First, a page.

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U.S. Senate Minority Leader Mitch McConnell (R-KY) makes a point about his meeting with President Barack Obama regarding the country's debt ceiling, during a news conference at the Capitol in Washington May 12, 2011.   REUTERS/Jonathan Ernst   (UNITED STA
Brian Beutler on Senate Minority Leader Mitch McConnell's latest gambit:
On the Senate floor a few minutes ago Mitch McConnell made Democrats an offer. Now that he and the White House basically agree on the tax piece of the so-called fiscal cliff, Congress should pass legislation to prevent the Bush tax cuts from expiring at midnight, and grapple with the “sequester” in the coming days.

This is an offer Democrats will have a hard time turning down.

True, but there's an important caveat. Given that the tax cut threshold of $450,000 that Democrats negotiated with Mitch McConnell was predicated on delaying the sequester's spending cuts, there's no reason that they should feel compelled to stick by that number now that McConnell is taking the sequester off the table. Instead, Democrats should go back to their original alternative plan: putting forward legislation that would extend tax cuts on all income below $250,000 along with unemployment benefits.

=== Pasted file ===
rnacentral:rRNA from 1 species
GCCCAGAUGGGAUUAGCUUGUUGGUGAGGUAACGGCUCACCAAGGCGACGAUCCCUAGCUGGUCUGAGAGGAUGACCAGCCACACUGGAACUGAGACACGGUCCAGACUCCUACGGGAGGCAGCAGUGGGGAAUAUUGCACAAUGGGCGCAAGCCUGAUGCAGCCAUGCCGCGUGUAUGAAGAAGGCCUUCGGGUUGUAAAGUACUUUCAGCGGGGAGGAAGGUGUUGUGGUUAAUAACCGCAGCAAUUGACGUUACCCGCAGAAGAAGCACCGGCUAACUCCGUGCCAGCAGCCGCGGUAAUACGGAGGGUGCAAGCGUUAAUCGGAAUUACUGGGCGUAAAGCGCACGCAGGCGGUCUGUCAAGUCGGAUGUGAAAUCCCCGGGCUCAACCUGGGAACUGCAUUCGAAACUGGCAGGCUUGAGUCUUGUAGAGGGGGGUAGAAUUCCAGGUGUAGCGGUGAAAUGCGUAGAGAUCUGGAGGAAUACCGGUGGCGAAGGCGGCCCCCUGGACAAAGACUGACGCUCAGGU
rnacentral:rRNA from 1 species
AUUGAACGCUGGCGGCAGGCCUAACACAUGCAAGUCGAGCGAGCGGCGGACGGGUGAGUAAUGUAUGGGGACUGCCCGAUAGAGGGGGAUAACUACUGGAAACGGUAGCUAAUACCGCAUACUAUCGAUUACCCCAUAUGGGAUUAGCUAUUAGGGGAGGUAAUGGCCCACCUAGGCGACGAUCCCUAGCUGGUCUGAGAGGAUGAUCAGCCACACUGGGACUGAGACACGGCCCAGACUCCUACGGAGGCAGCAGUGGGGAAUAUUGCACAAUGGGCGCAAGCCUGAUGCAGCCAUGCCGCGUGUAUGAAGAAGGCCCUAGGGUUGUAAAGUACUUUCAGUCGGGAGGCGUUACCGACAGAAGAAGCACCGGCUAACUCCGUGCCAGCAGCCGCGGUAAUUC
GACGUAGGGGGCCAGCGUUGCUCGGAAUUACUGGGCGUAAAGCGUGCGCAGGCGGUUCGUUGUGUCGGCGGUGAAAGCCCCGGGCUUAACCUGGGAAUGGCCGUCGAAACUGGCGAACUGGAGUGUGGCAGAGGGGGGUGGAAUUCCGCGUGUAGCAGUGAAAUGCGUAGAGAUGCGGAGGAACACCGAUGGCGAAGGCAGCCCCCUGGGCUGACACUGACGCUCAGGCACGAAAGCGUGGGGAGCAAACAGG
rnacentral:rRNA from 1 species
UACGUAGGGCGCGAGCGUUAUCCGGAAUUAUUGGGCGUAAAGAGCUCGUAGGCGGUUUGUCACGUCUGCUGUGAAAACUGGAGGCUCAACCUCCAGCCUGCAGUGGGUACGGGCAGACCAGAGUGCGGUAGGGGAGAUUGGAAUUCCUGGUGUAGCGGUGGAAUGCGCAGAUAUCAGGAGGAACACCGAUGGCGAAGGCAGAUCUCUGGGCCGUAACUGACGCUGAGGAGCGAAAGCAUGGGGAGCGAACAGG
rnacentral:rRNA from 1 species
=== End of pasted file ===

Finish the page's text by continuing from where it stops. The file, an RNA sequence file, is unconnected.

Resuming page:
Given the logic of McConnell's statement, he should be willing to support that plan. And if he can't bring himself to support it, he needs to either pay the political price for opposing it or put something else on the table as a concession. And that means delaying the sequester.

Basically, McConnell is saying that he only wants to enact the parts of the deal that he likes—the parts where Democrats compromised. But he doesn't want to enact the parts where Republicans would have had to compromise. And while I wouldn't bet against Democrats accepting that "offer," they really should reject it—especially now that House Republicans have announced they plan to take us over the "cliff."

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